The end of December is already here, and the new year is beckoning—but what to read? These books will end your year with a bang!
Graceling, by Kristin CashoreKatsa’s Grace, or extreme skill, is killing, and she hates it. Thanks to her Grace, the king is using her as a threat to extort his enemies. Then she meets Po. Soon, Katsa and Po are galloping across the Middluns, chasing secrets—and that’s when Katsa discovers that she is much, much more than the king’s thug. In this savagely emotional teen fantasy, Kristin Cashore proves that there are many sides to the self
.Stuff Matters, by Mark Miodownik
What’s this computer made of? How about this shirt? Or this chair? There are so many things in the world, it’s easy to take them for granted. In this book, Mark Miodownik examines a few objects in minutia, but manages to paint a majestic view of the modern world. This is a wonderful book for teens looking to discover the stuff that makes up our lives
Cryptid Hunters, by Roland Smith
Grace and Marty O’Hara are two twins at the Omega Opportunity Preparatory School . . . until their parents’ airplane crashes. Soon, Marty and Grace find themselves alone in the jungles of the Congo, looking for an animal that shouldn’t exist, where the price of failure is death. This action-packed novel is a must-read for tweens with a love for adventure.
My friend and I clambered onto the picnic table. The damp wood felt unsteady underneath me; I shifted my feet. Then, flashing my friend a grin, I began to sing: “Pardon me. Are you Aaron Burr, sir?”
“That depends. Who’s asking?”
And so it continued—us standing on the picnic table, singing as loud as we could, and the other campers staring at us with slightly horrified expressions. Hadn’t everyone gotten over Lin-Manuel Miranda’s Hamilton: An American Musical? No—we would keep the flame burning. I loved Hamilton because it brought the Founding Fathers to life. So when I received a request to review the book behind the musical, an irrational fear clutched me: what if this book put Alexander Hamilton, who had become so real to me, back into a coffin?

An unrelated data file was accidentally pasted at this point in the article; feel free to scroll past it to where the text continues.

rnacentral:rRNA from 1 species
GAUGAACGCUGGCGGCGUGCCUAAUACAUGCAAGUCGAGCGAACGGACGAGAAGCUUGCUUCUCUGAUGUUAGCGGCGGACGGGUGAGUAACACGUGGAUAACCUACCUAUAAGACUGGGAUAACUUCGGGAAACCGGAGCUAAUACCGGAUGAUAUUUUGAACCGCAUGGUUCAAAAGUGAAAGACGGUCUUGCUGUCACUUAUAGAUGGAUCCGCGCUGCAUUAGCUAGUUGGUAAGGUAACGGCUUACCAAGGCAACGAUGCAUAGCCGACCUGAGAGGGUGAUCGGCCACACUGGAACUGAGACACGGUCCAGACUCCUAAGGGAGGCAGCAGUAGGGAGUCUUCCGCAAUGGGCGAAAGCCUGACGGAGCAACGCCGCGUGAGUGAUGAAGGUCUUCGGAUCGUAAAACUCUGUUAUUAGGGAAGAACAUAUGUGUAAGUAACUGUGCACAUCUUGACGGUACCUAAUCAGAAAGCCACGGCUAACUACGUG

November has sped past in the blink of an eye, partly because of the leftover Halloween candy, but also because I’ve been reading some wonderful books—and all of you avid readers know that nothing makes time fly like a good book! Here are some of my favorites:
“Well, I still think books are better than movies.”
My friend just shook his head at me, smiling. I had never been big on movies—I still am not—and I found that books left you more satisfied than two hours spent staring at a screen. When friends asked me, “Have you watched this?” I would always shake my head.
“You haven’t lived!” they would gasp, and I would laugh. Later, as I would flop onto my bed and immerse myself in my books, I would wonder: How is this, how is being different, not living?
Tipping my head back, I licked the last drops of pink lemonade from my cup. I glanced around the table; my cousins and my siblings were still drinking their lemonade.
“Oof,” one cousin said, glancing at a brimming cup. “I don’t think I can drink this. I’m full.”
We made appropriate sounds of sympathy. Sighing, the cousin dumped the lemonade into the pitcher.
Another cousin squawked. “That’s gross! You’ve dumped in your backwash! I’m not drinking any more lemonade.”
“Aw, come on,” I said airily, “There’s nothing wrong with that lemonade. I’d drink it.” I picked up my glass and stared at it for a moment. Then I grimaced. I wanted more lemonade, but somehow, I couldn’t make myself drink from that pitcher.
It’s almost the end of September, and though I’ve had trouble choosing, I finally have singled out my three favorite books of this month. Each one of these books is surprising, memorable, and a good start for another school year:
For hundreds of years, slavery was accepted as a way of life. To see people beaten for working too slowly, sold to pay off debt, or killed in fits of anger was the ugly but unquestioned norm. Today, with slavery almost gone, it is something to speak of in somber tones and with grim faces. But if slavery is so hard to speak of now, imagine how hard it would be to discuss back when it was at its peak. Who would take up the task and tell of something so awful, so horrifying, and so real?
With a groan, I forced myself to look at the electric clock on my night table. I groaned again. It read 22:46. I should have turned off the light more than an hour ago, I thought guiltily. I nestled back into my blankets, glancing back at the book in my hands. More than anything, I wanted to keep on reading. I wanted to re-immerse myself in Rand al’Thor’s world and stay there all night. But something stopped me. Rand’s struggle was with his control of power—was I going to urge him on, and then fail to control myself?